Dr. Janov’s essential insight—that our earliest experiences strongly influence later well being—is no longer in doubt. Thanks to advances in neuroscience, immunology, and epigenetics, we can now see some of the mechanisms of action at the heart of these developmental processes. His long-held belief that the brain, human development, and psychological well being need to studied in the context of evolution—from the brainstem up—now lies at the heart of the integration of neuroscience and psychotherapy.
Grounded in these two principles, Dr. Janov continues to explore the lifelong impact of prenatal, birth, and early experiences on our brains and minds. Simultaneously “old school” and revolutionary, he synthesizes traditional psychodynamic theories with cutting-edge science while consistently highlighting the limitations of a strict, “top-down” talking cure. Whether or not you agree with his philosophical assumptions, therapeutic practices, or theoretical conclusions, I promise you an interesting and thought-provoking journey.
Lou Cozolino, PsyD, Professor of Psychology, Pepperdine University
In Life Before Birth Dr. Arthur Janov illuminates the sources of much that happens during life after birth. Lucidly, the pioneer of primal therapy provides the scientific rationale for treatments that take us through our original, non-verbal memories—to essential depths of experience that the superficial cognitive-behavioral modalities currently in fashion cannot possibly touch, let alone transform.
Gabor Maté MD, author of In The Realm of Hungry Ghosts: Close Encounters With Addiction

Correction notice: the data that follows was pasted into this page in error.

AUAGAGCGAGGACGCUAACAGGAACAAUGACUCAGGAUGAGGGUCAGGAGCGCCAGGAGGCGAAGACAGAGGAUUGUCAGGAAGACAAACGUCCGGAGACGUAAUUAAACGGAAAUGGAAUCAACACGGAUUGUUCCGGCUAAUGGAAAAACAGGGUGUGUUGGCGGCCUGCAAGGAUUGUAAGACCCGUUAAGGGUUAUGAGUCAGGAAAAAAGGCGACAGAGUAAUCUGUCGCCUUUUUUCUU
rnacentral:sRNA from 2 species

An expansive analysis! This book attempts to explain the impact of critical developmental windows in the past, implores us to improve the lives of pregnant women in the present, and has implications for understanding our children, ourselves, and our collective future. I’m not sure whether primal therapy works or not, but it certainly deserves systematic testing in well-designed, assessor-blinded, randomized controlled clinical trials.
K.J.S. Anand, MBBS, D. Phil, FAACP, FCCM, FRCPCH, Professor of Pediatrics, Anesthesiology, Anatomy & Neurobiology, Senior Scholar, Center for Excellence in Faith and Health, Methodist Le Bonheur Healthcare System
A baby's brain grows more while in the womb than at any time in a child's life. Life Before Birth: The Hidden Script That Rules Our Lives is a valuable guide to creating healthier babies and offers insight into healing our early primal wounds. Dr. Janov integrates the most recent scientific research about prenatal development with the psychobiological reality that these early experiences do cast a long shadow over our entire lifespan. With a wealth of experience and a history of successful psychotherapeutic treatment, Dr. Janov is well positioned to speak with clarity and precision on a topic that remains critically important.
Paula Thomson, PsyD, Associate Professor, California State University, Northridge & Professor Emeritus, York University